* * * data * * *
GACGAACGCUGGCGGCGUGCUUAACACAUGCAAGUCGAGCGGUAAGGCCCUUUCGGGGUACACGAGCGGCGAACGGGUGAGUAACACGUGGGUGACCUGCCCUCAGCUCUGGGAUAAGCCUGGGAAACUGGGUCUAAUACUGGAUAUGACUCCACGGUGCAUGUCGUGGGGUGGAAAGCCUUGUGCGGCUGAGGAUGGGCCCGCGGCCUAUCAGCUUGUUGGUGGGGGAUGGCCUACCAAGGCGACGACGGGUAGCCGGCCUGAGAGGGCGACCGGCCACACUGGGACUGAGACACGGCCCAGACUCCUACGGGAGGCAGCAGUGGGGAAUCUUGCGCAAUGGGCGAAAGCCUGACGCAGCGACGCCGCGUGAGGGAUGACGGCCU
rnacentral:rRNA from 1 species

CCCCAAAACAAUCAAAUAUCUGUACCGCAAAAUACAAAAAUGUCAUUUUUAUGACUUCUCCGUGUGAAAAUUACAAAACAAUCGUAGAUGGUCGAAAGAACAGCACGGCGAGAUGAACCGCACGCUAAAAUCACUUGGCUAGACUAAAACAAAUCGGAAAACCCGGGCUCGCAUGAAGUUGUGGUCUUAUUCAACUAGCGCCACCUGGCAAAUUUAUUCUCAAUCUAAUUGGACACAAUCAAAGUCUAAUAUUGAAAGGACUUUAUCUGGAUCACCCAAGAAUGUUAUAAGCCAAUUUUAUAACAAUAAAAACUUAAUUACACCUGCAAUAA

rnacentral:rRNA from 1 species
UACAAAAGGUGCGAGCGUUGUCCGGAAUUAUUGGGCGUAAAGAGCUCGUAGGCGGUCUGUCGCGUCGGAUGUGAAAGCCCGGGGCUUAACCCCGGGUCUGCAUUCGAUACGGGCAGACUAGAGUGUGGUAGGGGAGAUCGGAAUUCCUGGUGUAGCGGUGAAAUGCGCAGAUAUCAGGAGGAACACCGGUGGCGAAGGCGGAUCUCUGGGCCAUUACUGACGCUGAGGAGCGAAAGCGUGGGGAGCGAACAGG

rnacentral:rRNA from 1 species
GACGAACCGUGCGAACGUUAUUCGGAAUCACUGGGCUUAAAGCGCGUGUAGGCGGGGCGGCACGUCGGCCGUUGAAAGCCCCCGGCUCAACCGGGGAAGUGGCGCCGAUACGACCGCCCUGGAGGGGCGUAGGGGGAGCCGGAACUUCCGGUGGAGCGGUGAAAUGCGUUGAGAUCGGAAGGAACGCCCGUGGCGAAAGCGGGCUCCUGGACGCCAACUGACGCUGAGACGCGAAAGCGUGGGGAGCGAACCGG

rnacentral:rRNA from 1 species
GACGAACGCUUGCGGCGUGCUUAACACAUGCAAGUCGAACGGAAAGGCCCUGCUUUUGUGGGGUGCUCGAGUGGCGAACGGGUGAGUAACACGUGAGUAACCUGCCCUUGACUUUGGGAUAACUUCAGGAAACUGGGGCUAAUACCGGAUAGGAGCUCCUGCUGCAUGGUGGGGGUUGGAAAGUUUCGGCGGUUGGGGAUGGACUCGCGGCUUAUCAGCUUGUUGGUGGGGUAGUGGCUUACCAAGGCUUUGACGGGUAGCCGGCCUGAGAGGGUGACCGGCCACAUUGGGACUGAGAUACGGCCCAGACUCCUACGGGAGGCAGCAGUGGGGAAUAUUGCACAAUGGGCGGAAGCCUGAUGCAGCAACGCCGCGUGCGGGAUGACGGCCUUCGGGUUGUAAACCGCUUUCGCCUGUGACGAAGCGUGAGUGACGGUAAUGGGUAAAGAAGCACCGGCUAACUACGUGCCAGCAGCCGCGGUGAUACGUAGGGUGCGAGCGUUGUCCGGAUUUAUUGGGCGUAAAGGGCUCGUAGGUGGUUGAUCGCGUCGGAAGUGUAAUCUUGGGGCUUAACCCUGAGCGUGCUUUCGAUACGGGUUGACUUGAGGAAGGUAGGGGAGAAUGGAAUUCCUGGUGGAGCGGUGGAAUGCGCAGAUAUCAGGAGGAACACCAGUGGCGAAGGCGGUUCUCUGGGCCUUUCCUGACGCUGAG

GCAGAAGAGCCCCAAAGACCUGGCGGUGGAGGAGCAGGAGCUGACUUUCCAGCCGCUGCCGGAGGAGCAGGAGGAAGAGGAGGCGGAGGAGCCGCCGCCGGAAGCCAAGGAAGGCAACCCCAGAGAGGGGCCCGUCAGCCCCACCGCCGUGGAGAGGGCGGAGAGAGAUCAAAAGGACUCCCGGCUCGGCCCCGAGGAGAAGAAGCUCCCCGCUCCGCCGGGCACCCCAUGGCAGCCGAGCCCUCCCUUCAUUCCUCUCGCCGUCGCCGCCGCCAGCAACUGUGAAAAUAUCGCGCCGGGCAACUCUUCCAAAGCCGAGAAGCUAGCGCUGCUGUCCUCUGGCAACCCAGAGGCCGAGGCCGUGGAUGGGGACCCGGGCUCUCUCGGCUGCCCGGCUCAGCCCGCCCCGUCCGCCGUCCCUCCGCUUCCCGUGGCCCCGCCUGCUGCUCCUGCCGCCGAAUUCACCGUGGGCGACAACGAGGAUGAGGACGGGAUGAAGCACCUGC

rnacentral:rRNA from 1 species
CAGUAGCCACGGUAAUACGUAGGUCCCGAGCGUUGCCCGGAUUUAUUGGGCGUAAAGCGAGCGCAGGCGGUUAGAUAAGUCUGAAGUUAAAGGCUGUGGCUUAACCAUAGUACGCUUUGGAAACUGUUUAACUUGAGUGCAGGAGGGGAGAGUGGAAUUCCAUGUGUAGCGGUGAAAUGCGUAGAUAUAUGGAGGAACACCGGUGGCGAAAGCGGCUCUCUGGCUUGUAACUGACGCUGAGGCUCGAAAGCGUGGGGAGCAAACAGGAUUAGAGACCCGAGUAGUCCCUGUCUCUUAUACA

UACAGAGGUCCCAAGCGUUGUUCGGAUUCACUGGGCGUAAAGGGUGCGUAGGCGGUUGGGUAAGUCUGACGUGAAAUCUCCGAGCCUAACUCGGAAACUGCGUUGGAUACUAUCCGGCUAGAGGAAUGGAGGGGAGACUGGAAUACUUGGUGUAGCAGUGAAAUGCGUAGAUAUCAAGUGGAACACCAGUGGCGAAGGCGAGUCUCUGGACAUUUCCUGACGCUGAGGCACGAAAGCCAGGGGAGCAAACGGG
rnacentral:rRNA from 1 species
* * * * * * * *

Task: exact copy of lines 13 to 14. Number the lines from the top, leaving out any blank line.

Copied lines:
UACAGAGGUCCCAAGCGUUGUUCGGAUUCACUGGGCGUAAAGGGUGCGUAGGCGGUUGGGUAAGUCUGACGUGAAAUCUCCGAGCCUAACUCGGAAACUGCGUUGGAUACUAUCCGGCUAGAGGAAUGGAGGGGAGACUGGAAUACUUGGUGUAGCAGUGAAAUGCGUAGAUAUCAAGUGGAACACCAGUGGCGAAGGCGAGUCUCUGGACAUUUCCUGACGCUGAGGCACGAAAGCCAGGGGAGCAAACGGG
rnacentral:rRNA from 1 species